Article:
Saturday, 10 March 2012

Don’t Blame Pedestrians…

…is a campaign being run by 20’s Plenty which points how some drivers blame pedestrians who get killed or seriously injured for ‘taking chances’ when they cross. 20’s Plenty asks, “how easy is it to cross safely? Who’s to blame when walkers die?” pointing out that society would be very limited if we were only permitted to cross roads at signalised junctions. In the UK there is no ‘jay-walking’ law: we accept that pedestrians need to cross roads without signals, zebra crossings or traffic islands.
image At locations without pedestrian crossings, pedestrians need to identify a gap in the traffic to be able to cross. To cross two lanes of traffic most pedestrians will accept a 4 to 6 second gap but people with limited mobility need gaps of 10 to 12 seconds – and the availability of gaps depends on factors like traffic volumes, density, time of day and, crucially, vehicle speeds. Currently pedestrians have to assume that traffic on 30mph roads is going faster than the law allows, since 49% of British drivers speed in 30mph areas and the police don’t tend to penalise drivers below 36mph.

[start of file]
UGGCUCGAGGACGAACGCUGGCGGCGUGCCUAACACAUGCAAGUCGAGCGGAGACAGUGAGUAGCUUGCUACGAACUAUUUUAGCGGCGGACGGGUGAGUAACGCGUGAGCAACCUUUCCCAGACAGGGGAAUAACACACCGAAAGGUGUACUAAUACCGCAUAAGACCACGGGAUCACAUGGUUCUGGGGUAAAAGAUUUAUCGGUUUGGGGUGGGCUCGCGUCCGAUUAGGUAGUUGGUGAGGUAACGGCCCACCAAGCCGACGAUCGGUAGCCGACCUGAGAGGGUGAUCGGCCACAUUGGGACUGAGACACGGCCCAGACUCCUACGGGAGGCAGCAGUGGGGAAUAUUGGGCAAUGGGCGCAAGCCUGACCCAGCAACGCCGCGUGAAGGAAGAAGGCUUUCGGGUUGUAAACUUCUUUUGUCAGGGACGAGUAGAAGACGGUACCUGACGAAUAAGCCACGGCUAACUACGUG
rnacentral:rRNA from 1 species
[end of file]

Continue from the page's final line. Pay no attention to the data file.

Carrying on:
· At 36 mph a 5 second gap is a distance of 80 metres and a 10 second gap is 160 metres
· At 18 mph a 5 second gap is a distance of 40 metres and a 10 second gap is 80 metres
How often is it possible to see the traffic for a tenth of a mile (160m) in either direction? Sight lines are often blocked due to parked vehicles at either side of the road, corners and obstructions – it is no wonder that children and older people struggle to cross roads safely in current conditions. It’s even more dangerous for children: research by scientists at Royal Holloway has shown children under 11 cannot reliably judge the approach speeds of vehicles over 20mph as their visual systems have not fully developed.

Halving vehicle speeds would make it twice as easy for pedestrians to cross safely, and also reduce the kinetic energy (the kind that kills and injuries people) by a factor of four. Setting 20mph as the default speed limit in urban areas will reduce the dangers imposed on society by motor vehicles. As the campaign points out: “20’s Plenty, 30 hurts me.”

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